Through all of this, she's faced with Adeline Clay. Everyone locally wants to woo Adeline, including the museum Ruthie works for. But Ruthie's history with Adeline's ex is something that Ruthie has tried hard to put behind her, something Adeline's presence makes quite difficult.

And as Adeline becomes more and more popular in Orient, it begins to seem to Ruthie that Adeline is gaining everything Ruthie herself is losing.

It's hard not to sympathize with Ruthie even though her situation is one of her own making. Her summer is something of a train wreck and it's pretty impossible to look away. But she's humanized also, meaning that even though as a reader we're able to see Ruthie's missteps, it's easy too to imagine making the same mistakes ourselves.

Also, Ruthie is more down to earth and real than many of her other Orient counterparts. There's a level of snobbery to the story that would be overwhelmingly off-putting without Ruthie's more balanced normalcy.

I loved the social commentary, I loved the setting, and I really loved the fact that this is such a summer read! It did make me long for the beach and/or a pool to read alongside, though :)

Tuesday, July 3, 2018

Trial on Mount Koya by Susan Spann

It's my favorite time of year, y'all: Susan Spann's latest book birthday!!!

Today I'm a stop on the TLC blog tour for the latest installment in the Hiro Hattori series, Trial on Mount Koya. 

In the aftermath of the events at Iga, Hiro has been tasked with traveling to Myo-in, a Buddhist temple at the top of Mount Kōya. With Father Mateo (and Gato) by his side, Hiro is to share orders to a fellow shinobi stationed at the temple. This man is to travel the road between Kyoto and Edo to warn the other Iga agents about the attack on Iga. But before the man can get started on his mission, he is brutally murdered within the temple's walls. With a storm raging and just ten fellow priests and four travelers, including Hiro and Father Mateo, the suspect pool is small. Hiro and Father Mateo once again agree to help unravel the mystery, but as the storm rages on it becomes clear the killer isn't finished. Can they unmask the murderer before the killer is the only one left standing?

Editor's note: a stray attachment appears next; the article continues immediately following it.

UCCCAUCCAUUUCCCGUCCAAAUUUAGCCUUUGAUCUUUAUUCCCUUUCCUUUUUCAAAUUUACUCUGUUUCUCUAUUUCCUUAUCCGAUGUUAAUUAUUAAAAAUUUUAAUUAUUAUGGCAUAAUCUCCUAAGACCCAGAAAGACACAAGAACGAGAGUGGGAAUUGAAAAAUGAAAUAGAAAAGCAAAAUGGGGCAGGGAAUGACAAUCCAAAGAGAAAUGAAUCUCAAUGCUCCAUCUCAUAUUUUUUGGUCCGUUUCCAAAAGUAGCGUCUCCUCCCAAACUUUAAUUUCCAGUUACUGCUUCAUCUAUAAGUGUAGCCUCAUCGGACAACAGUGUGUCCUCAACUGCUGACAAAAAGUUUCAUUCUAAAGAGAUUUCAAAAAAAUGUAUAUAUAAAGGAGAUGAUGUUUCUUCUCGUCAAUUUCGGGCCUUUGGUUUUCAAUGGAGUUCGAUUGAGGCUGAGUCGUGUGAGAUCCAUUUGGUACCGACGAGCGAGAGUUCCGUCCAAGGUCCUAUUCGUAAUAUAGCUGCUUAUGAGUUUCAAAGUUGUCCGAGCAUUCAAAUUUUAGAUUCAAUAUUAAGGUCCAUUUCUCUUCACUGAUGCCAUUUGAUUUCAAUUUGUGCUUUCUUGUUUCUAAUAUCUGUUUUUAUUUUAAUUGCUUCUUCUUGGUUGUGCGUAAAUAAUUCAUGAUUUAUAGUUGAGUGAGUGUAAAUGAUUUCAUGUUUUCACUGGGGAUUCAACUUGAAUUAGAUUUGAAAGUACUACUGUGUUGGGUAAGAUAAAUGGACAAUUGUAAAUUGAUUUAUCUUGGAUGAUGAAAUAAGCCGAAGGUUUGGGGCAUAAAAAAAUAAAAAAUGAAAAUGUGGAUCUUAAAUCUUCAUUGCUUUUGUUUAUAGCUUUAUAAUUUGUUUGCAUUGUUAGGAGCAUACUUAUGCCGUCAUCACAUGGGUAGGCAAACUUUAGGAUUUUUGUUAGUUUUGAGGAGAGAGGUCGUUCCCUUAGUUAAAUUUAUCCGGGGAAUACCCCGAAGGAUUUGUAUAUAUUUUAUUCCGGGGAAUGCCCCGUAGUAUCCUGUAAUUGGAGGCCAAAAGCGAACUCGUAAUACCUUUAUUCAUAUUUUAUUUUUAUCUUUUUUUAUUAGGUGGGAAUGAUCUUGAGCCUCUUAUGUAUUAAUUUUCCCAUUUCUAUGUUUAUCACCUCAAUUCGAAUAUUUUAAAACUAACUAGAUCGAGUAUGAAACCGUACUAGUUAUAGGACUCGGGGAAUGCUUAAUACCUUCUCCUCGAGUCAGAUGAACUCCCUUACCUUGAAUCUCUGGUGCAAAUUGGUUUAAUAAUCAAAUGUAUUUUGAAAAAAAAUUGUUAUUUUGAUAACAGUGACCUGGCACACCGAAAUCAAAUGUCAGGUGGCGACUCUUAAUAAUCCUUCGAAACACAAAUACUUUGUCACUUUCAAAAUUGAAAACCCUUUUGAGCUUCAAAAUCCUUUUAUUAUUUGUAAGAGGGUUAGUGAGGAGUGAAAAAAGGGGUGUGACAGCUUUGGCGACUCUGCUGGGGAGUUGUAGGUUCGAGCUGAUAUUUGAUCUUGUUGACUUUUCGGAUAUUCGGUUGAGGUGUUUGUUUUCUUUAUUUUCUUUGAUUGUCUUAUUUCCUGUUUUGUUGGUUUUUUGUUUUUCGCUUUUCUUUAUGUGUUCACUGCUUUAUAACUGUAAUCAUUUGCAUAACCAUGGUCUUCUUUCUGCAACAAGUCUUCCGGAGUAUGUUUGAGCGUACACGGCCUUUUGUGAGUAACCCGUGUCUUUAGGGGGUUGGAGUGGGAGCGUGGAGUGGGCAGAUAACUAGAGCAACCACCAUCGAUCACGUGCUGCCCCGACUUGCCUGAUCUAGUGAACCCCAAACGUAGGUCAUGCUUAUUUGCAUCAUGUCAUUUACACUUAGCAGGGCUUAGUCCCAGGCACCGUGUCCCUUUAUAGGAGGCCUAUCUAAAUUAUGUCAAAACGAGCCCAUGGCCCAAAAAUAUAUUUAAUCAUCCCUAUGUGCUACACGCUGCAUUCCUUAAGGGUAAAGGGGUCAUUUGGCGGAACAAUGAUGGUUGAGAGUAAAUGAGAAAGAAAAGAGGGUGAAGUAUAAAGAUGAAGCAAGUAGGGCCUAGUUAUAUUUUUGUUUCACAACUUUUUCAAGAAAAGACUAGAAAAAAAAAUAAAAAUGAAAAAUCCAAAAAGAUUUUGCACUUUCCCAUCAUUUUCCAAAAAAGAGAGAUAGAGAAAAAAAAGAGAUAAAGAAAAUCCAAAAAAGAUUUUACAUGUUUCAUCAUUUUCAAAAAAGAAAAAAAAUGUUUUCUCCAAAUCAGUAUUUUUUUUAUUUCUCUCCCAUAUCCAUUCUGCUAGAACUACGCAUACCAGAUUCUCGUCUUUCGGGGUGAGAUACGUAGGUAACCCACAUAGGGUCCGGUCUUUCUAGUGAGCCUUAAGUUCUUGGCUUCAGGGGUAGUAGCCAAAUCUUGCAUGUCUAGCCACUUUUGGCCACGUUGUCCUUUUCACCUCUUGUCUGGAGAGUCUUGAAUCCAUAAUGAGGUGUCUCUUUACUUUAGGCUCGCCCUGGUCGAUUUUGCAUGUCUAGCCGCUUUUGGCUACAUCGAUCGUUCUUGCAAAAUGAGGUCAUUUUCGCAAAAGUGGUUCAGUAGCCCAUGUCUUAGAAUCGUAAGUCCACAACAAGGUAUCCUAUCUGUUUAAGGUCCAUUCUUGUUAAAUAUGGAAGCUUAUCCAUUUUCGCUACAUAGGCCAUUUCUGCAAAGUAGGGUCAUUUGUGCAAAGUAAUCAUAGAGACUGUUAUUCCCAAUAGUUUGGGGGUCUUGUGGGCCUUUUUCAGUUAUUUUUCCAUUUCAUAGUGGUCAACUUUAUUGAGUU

Trial on Mount Koya is Spann's homage to Agatha Christie's And Then There Were None and I have been dying to share it with you ever since I heard that was the concept behind this latest book.

Setting is such a key component in this series and in this book in particular. In the style of Agatha Christie, this is a close and closed off setting, which ratchets up the suspense a hundred fold. The storm has kept anyone from coming and going and the killer is clearly hiding amongst the characters. And of course those characters and the plot are the other driving forces!

Hiro and Father Mateo are known quantities. We've met them and traveled alongside them for six books now (though I should note that you can easily jump in with any installment), and they've now investigated a number of other murders, so we know that they're not going to be fooled by the killer. And yet, this killer is quite cunning and brutal to boot - each new victim is posed to represent the judges of the afterlife.

I really do love each new book in this series. And I have to say that the real pleasure in them is a direct result of the fact that Spann is clearly so passionate about her subject. As I write this, she is in Japan in the midst of her latest project: conquering each of the 100 summits and chronicling her climbs along the way. In fact, if you visit her blog you'll see that she's celebrating release day on Mount Kōya itself, revisiting the location that inspired this story.

To see more stops on the tour be sure to check out the official TLC tour page here.

For more on Susan Spann and her work you can visit her website here. You can also like her on Facebook and follow her on Twitter.

Purchase Links: Amazon | Books-A-Million | Barnes & Noble

Sunday, July 1, 2018

New Releases 7/3/18

Some of the new titles hitting shelves this week are:

The Ruin by Dervla McTiernan

The Last Time I Lied by Riley Sager

It All Falls Down by Sheena Kamal

Dear Mrs. Bird by AJ Pearce

The Calculating Stars by Mary Robinette Kowal

The Lost Queen of Crocker County by Elizabeth Leiknes

The Dying of the Light by Robert Goolrick

Black Chamber by S. M. Stirling

Eagle & Crane by Suzanne Rindell

Heroine's Journey by Sarah Kuhn

Smoke and Iron by Rachel Cain

City of Lies by Sam Hawke

Caught in Time by Julie McElwain

New on DVD: